Books that Stick

We've all had them, I think. The story or book, the movie or radio show that you enjoyed when you were younger that you still think about sometimes today. Sometimes it's something as simple as "that story that Grandpa told all the time about the day his best friend jumped off a battleship" or as nostalgic as "that animated movie I watched a hundred times the year I turned 8."


There are stories for each of us that just... stick around. Some of us remember more of those stories than others. The rest of us have That One Story that either we've never been able to find again or that we simply neglected to purchase once we became Fully-Fledged Adults.


Mine is a book about a puppy. In fact, that's even one of the words in the title. The book was called Puppy Lost in Lapland, and I found it in the school library when I was 9 or 10. It wasn't very long, but it was a chapter book and I felt very accomplished for reading it.

I'm pretty sure I must have talked about this book in the past, but here we go again. What I wanted to talk about isn't the book itself, but rather why it stuck with me, and my thoughts on why stories stay with us as long as they do.


Maybe it was the Great Illustrated Classics version of Swiss Family Robinson or the picture book Mom read to you a million times, One Monster After Another. Something about those stories makes an impression on us when we are young and stays with us for years, and here's my theory on why:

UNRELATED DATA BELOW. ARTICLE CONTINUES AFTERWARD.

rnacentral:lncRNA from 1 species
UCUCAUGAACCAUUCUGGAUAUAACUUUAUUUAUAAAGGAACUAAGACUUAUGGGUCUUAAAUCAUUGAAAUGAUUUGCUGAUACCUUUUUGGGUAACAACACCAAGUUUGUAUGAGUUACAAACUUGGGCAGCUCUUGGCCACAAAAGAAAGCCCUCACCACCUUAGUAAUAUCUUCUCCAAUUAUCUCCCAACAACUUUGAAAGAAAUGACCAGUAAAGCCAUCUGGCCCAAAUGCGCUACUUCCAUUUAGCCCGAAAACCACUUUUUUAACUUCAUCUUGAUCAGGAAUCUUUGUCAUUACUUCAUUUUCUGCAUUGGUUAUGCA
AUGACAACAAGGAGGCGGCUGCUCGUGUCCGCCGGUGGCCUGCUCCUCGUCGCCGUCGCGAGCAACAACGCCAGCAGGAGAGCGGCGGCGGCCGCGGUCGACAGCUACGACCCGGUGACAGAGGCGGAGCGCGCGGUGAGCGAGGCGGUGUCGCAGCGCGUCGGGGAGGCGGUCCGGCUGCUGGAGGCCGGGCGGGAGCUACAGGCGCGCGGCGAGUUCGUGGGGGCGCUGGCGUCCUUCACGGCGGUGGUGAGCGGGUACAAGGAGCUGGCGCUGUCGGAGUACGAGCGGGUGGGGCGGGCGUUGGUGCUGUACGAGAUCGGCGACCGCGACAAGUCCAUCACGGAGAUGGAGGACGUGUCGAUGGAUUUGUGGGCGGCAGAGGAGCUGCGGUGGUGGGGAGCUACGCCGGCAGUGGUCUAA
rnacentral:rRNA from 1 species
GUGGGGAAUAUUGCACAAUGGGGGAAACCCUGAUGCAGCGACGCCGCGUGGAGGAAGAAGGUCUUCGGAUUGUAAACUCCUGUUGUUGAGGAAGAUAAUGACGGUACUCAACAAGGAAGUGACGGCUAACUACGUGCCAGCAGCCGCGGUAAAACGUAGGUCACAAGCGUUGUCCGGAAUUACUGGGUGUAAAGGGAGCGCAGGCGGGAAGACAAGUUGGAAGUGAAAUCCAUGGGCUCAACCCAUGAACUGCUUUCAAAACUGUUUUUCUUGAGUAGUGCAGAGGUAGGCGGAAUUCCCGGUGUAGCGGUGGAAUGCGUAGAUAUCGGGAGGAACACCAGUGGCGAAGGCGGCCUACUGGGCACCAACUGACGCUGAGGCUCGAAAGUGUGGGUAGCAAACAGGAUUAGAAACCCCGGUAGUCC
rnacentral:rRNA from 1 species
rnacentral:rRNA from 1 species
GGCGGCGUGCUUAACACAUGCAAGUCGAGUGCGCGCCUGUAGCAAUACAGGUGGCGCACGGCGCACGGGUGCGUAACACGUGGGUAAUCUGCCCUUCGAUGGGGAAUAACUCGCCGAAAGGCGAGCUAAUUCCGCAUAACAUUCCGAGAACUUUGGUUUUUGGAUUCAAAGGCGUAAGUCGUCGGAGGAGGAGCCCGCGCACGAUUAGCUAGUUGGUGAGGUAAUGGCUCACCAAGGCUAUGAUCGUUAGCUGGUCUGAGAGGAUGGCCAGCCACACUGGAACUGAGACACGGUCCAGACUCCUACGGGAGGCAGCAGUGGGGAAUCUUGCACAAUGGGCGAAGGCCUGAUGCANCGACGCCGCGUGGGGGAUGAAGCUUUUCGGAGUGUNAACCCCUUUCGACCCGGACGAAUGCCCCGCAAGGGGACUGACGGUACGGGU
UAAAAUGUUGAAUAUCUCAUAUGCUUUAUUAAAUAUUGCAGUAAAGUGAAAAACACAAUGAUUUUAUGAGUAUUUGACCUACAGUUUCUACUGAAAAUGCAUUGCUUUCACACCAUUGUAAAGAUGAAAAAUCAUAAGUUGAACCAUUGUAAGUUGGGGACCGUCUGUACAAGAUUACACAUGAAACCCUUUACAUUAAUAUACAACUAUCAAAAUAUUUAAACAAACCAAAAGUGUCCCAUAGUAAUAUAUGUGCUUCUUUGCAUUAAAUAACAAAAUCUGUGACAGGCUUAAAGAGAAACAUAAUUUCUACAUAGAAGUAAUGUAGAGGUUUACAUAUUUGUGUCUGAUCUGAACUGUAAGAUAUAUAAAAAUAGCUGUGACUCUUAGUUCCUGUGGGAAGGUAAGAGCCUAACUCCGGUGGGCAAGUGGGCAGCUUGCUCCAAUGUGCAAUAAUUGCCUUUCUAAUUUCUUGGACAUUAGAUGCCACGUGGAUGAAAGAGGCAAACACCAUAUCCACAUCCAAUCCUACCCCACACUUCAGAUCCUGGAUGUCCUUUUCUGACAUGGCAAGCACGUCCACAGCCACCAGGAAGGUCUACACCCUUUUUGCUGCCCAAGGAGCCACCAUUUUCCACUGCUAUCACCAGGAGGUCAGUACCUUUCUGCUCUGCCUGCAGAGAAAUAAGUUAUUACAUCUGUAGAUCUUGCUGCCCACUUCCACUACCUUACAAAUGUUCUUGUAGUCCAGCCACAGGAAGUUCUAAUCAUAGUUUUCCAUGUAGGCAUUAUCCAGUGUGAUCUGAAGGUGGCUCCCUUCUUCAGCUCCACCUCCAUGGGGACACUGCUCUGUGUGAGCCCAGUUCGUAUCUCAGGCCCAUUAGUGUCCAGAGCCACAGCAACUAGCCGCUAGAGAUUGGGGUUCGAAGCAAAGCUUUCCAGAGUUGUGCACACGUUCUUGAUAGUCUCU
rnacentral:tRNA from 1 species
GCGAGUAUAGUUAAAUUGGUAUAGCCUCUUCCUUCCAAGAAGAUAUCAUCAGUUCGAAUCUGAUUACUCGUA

Most often, when I think back on the books that have carved out a place for themselves in my memory, I don't remember the book itself. I remember the changes it wrought on me or the way I see things.


I remember The Hobbit not just because I've read it a hundred times, but because it was the book that changed the world for me - it showed me that reading can be really, really fun.

I remember Puppy Lost in Lapland because it was the first book I can recall that made me feel something for the characters. When I thought the titular Puppy was going to die, I cried over that book, and I didn't understand how or why a dog that had never existed to make me Feel those Feelings.

I remember Little Women because it showed me in ways I could not deny that a a series of printed pages bound into a single thick manuscript could hold something like truth. Not that I could break out the test tubes and Bunsen burner to prove it, but that the things I write because other people like that stuff and the things I write because there's Something Important I want to share with my audience are not the same thing.


These books were not just stories. They were milestones in my life, and they mark the points at which my worldview was unalterably changed - unfolded to encompass something so big I hadn't even imagined it existed before then.


In case I get too serious about this, I also remember Harry Potter and the Chamber of Secrets, because I finished it and asked my mother for the next book, and that was the first time I had encountered the idea that people were still writing books. I was blown away. I guess before that point I had just thought that all books already existed, and that no one wrote them anymore because they'd already all been written.


So here's my question for you, Inklings. Is this true for you, too? Do you remember movies, games, books, and stories from your childhood because they changed the way you think? Or am I just thinking about this too much?

#Reading #Childhood #Nostalgia

1 view
IF dragon logo tex.png

©2020 by Eleanor Taylor.

Contact me!

Make a Request

  • Patreon Logo Black
  • Tumblr - Black Circle
  • Facebook - Black Circle
  • goodreads icon black